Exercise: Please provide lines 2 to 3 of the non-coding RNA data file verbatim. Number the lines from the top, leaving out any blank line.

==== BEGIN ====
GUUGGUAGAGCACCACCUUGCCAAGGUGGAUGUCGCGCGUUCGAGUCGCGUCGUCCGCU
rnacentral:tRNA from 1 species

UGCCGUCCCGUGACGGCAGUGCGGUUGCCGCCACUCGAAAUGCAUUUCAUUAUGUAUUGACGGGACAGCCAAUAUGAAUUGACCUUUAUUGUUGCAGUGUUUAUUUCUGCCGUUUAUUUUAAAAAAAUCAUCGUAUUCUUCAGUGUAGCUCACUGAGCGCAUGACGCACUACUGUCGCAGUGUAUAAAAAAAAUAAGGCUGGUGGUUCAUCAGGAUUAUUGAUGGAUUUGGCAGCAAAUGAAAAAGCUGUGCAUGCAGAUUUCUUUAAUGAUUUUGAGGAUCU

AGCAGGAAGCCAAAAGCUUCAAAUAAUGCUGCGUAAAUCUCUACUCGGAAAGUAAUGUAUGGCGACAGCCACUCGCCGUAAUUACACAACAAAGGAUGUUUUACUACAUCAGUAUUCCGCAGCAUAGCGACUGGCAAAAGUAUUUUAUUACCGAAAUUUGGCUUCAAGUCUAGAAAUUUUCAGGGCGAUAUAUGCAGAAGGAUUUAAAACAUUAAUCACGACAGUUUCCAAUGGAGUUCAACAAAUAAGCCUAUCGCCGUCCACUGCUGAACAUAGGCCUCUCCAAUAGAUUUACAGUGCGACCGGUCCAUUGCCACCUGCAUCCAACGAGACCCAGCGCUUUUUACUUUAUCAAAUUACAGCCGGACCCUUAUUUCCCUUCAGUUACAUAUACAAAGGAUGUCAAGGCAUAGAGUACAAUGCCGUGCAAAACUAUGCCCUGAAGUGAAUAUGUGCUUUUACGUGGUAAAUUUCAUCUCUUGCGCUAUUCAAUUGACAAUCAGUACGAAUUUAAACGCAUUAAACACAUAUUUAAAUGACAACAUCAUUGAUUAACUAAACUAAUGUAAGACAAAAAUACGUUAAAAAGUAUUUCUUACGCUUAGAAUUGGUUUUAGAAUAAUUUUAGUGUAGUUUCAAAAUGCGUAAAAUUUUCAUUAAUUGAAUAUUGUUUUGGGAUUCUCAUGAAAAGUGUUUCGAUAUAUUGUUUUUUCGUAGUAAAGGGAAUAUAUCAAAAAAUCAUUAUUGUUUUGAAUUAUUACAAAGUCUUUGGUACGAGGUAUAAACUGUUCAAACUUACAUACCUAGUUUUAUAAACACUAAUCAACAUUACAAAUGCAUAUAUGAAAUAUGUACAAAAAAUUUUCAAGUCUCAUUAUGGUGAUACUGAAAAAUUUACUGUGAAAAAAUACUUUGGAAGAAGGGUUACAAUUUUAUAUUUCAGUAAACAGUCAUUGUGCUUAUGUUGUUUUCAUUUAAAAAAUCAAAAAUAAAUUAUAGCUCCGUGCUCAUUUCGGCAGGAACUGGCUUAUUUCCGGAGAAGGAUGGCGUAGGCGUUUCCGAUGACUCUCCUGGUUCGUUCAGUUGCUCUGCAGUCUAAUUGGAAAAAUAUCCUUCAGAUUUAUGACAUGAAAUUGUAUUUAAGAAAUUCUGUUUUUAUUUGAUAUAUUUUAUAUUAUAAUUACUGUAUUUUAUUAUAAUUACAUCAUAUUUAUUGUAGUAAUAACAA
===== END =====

rnacentral:tRNA from 1 species

UGCCGUCCCGUGACGGCAGUGCGGUUGCCGCCACUCGAAAUGCAUUUCAUUAUGUAUUGACGGGACAGCCAAUAUGAAUUGACCUUUAUUGUUGCAGUGUUUAUUUCUGCCGUUUAUUUUAAAAAAAUCAUCGUAUUCUUCAGUGUAGCUCACUGAGCGCAUGACGCACUACUGUCGCAGUGUAUAAAAAAAAUAAGGCUGGUGGUUCAUCAGGAUUAUUGAUGGAUUUGGCAGCAAAUGAAAAAGCUGUGCAUGCAGAUUUCUUUAAUGAUUUUGAGGAUCU